By Ronja Steinbach | June 6, 2021. | The Honolulu Star-Advertiser
On Sept. 29, 2020, I received an email from the University of Hawaii-Manoa (UHM) Department of Public Safety informing me of a sexual assault on campus. The assault took place at a residence hall across from where I lived during my freshman year.
What happened was not an isolated incident. It is the tip of a very large, very underreported iceberg. According to the U.S. Department of Health and Human Services’ Office on Women’s Health, a staggering 20% of female college students will experience sexual assault. I wish that I was more surprised by the pervasiveness of sexual assault, but it is a reality that too many of us have accepted. I am currently a rising junior and I am the co-president of the American Association of University Women at UHM club and I want to change those statistics.
In colleges, sexual assault and harassment falls under Title IX, a federal law that prohibits discrimination based on gender. On June 23, 2021, we will be celebrating the 49th anniversary of this law, which was part of the Educational Amendments of 1972. It was principally authored and sponsored by Patsy Mink, the first Asian-American congresswoman, who was born in Hawaii.
As we approach the anniversary and the 2022 legislative session, it is important that we critically examine its efficacy and advocate for necessary changes in it implementation, especially at the University of Hawaii.
Title IX protections for sexual assault victims have long been inadequate. Cases are largely underreported and campus climate surveys from the UH system show alarming trends; from 2017 to 2019, there were statistically significant increases in the incidences of sexual harassment (5.7% to 8%) and dating and domestic violence (10.6% to 12.1%).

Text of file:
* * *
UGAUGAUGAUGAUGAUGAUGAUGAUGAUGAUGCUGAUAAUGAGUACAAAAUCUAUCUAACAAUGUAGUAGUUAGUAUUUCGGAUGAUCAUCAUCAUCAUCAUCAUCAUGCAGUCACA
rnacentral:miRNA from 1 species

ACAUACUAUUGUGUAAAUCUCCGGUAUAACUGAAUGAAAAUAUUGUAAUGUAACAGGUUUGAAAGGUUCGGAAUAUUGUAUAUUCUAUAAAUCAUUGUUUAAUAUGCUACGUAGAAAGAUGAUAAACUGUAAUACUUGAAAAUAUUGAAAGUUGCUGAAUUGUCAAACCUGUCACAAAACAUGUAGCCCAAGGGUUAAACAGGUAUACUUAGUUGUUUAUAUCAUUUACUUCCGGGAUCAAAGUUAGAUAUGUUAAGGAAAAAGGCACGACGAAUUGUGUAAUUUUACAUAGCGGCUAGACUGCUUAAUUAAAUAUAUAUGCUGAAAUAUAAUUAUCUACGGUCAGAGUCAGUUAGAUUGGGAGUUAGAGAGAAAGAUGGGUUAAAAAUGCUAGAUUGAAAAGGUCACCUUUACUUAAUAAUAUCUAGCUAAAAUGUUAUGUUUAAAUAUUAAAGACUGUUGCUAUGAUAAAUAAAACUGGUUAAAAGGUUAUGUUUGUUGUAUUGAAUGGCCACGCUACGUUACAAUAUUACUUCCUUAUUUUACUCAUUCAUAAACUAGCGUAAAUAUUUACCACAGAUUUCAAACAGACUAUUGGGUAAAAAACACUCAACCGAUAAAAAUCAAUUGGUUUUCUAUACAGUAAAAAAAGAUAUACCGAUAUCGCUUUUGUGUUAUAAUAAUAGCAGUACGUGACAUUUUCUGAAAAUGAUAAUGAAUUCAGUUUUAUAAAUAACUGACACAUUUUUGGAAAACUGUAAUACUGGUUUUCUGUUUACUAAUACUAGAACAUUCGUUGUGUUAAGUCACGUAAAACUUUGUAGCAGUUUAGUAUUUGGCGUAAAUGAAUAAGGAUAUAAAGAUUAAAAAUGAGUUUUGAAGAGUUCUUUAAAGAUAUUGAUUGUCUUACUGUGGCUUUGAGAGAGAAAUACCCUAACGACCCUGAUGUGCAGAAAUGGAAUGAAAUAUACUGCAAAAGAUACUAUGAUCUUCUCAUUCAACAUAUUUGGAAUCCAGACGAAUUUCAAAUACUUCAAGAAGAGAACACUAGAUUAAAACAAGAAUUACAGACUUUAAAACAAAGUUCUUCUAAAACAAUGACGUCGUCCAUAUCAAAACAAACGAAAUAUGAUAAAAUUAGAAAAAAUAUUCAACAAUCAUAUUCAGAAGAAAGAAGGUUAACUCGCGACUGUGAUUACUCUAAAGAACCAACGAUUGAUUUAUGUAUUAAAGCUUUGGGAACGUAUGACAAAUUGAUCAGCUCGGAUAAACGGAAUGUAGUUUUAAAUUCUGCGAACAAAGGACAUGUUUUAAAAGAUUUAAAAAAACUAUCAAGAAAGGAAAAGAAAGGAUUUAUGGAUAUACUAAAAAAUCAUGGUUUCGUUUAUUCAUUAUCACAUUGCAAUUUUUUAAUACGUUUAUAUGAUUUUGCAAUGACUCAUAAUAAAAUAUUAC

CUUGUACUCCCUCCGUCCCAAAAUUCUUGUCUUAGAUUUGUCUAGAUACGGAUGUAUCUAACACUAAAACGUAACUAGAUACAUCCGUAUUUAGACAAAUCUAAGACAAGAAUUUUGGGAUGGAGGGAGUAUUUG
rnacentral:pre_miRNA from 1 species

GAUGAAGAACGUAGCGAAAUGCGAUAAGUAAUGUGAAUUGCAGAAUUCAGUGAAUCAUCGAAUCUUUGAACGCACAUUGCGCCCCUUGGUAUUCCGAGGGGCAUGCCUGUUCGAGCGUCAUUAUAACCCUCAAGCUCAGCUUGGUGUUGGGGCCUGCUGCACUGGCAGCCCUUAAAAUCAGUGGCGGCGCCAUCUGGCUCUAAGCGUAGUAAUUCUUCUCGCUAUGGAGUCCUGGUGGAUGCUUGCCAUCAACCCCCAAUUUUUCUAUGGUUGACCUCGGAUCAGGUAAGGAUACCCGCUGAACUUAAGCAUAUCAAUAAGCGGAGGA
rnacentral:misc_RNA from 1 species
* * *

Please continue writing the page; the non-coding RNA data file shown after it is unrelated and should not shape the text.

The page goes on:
Furthermore, changes implemented by the U.S. Department of Education under Betsy DeVos and the former Trump administration undermined the objectives of the law with new rules that favored the perpetrators. One of the most problematic changes allows for the cross-examination of the person reporting the sexual assault. Many students fear reporting incidences and the prospect of being cross-examined further deters survivors from coming forward.
Other rules and guidelines continue to be problematic. One semester is around four months long, yet a case that is brought to the Title IX office has up to 90 days — around three months — to be investigated. A survivor may have a sexual assault case looming over them for nearly an entire semester. Academic performance may decline so the student may experience the setback of an entire semester. There is no question, 90 days is too long. An investigation should be thorough, but considering the severity of the situation, it should be completed, in full, in a timeframe that protects the survivor’s access to their education.
During freshman orientation, we are briefly introduced to Title IX procedures and available campus resources. That is not enough. Most students do not remember or feel that it is relevant to them. As an employee for UH, I have also completed the annual sexual assault training for the workplace. It is not effective.
Sexual assault awareness curriculum and training should be mandated for everyone in the UH system. It should be reviewed and designed in collaboration with students, so that it is relevant, and stops being viewed as an inconvenient but necessary task. Overviews of UH policies and information about campus resources should also be provided more frequently.
Awareness and support for better Title IX guidelines and a rollback of the toxic attempt by the previous administration to weaken its protections is imperative. We need to continue the fight to change the rape culture in which we live by having appropriate policies in place.
Ronja Steinbach, a rising University of Hawaii-Manoa junior, is co-president of the American Association of University Women at UH-Manoa.